Tomatoes prefer warm soil and air temperatures between 75 and 85 degrees Fahrenheit during the day and above 55 degrees at night. When temperatures drop below 55 degrees Fahrenheit, tomatoes suffer and may be set back a month or more. For the northern or short-season garden, temperatures may drop before tomatoes reach maturity, as the days to maturity from seeding to harvest ranges from 90 to 130 days. Starting them inside from seed makes it possible to grow tomatoes in nearly any home garden in the United States.
Fill seed trays or flats with moist seed starter six to eight weeks before the last expected frost in your area.
Plant tomato seeds to a depth of a quarter-inch and cover with seed starter. Firm the soil down with your hands to settle the seeds. Mist with water to moisten.
Cover with plastic wrap to hold in heat and humidity. Punch several holes in the plastic with the point of a pencil to allow for air circulation.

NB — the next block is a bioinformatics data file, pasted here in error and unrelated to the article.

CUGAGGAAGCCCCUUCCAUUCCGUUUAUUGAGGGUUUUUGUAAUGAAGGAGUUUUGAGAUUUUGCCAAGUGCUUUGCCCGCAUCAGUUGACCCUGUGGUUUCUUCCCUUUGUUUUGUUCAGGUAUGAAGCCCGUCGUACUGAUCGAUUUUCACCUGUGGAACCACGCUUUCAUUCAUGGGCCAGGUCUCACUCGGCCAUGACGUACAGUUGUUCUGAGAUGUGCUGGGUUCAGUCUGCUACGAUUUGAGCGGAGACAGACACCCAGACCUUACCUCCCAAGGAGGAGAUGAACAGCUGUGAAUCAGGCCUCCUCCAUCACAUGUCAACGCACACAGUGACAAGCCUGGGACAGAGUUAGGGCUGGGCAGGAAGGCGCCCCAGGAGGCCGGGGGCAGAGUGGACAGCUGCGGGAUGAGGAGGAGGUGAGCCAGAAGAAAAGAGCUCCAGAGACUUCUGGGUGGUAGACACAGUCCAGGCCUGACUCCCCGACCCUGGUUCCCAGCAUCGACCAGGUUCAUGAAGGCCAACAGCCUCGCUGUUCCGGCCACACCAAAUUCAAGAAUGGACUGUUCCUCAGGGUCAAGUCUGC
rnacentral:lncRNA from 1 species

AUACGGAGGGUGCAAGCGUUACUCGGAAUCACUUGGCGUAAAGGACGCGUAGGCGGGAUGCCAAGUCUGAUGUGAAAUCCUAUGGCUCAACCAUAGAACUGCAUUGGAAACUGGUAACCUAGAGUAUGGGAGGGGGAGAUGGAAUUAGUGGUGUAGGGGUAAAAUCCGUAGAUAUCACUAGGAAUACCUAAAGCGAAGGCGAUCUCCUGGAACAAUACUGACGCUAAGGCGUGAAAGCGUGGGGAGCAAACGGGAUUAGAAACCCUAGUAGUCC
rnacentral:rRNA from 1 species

Place the seed tray in an area that receives bottom heat. The top of a water heater, TV or other appliance that provides gentle heat is ideal.
Check daily for the emergence of seeds and keep the soil evenly moist. Open the plastic to allow for air circulation if the soil becomes soggy or you notice signs of mold on the surface of the soil.
Prop the plastic up with a pencil or dowel to hold the plastic above the tops of young seedlings until all seeds have germinated and seedlings are 1 inch high. Seedlings appear in three to 10 days, depending on the soil temperature and variety of tomato.